Justices: Cameras would censor Supreme Court

Supreme Court Associate Justices Anthony Kennedy (L) and Stephen Breyer await the start of a hearing on Capitol Hill March 14, 2013 in Washington, DC. Kennedy and Breyer testified before the Financial Services and General Government Subcommittee during an oversight hearing on the U.S. Supreme Court.
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Two Supreme Court justices today expressed concern that if cameras were present during oral arguments in Supreme Court cases, the justices may feel pressured to edit what they say.

"You think it won't affect you, your questioning," Justice Stephen Breyer said today during a hearing of a House Appropriations Committee subpanel. However, he continued, "the first time you see on prime time television somebody taking a picture of you and really using it in a way that you think is completely unfair... in order to caricature [your position]... the first time you see that, you will watch a lot more carefully what you say."

Justice Anthony Kennedy agreed, adding that he wouldn't want that "insidious dynamic" in the courtroom.

The justices were on Capitol Hill today to testify before the Financial Services and General Government Appropriations Subcommittee about their annual budget. Rep. Mike Quigley, D-Ill., asked the justices about cameras in the courtroom, which has been a matter of debate for years.

"I've seen a lot of theatrics in courtrooms," Quigley said in response to the justices' concerns. However, he added, "In all my life I can't imagine the Supreme Court acting in a way other than which they normally would," whether or not there were cameras present.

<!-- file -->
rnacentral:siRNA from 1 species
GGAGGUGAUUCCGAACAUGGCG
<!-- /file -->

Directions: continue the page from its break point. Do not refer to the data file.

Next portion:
Organizations like C-SPAN and Reporters Committee for Freedom of the Press have long said cameras in the courtroom would add more transparency to the democratic process. Congress has pressed the court on the issue as well -- Sen. Charles Grassley, R-Iowa, first introduced legislation that would allow cameras in the Supreme Court in 1999. After that, the Supreme Court began releasing audio, after the fact, of oral arguments.

Breyer said today he would have to consider more fact-based evidence on the issue, such as studies on the impact of cameras in the courtroom in California, or its role in shaping public opinion. "I know that's a bore, but that's where I am at the moment," he said.

However, that fact-based evidence has long existed, Bruce Collins, corporate vice president and general counsel for C-SPAN, pointed out to CBSNews.com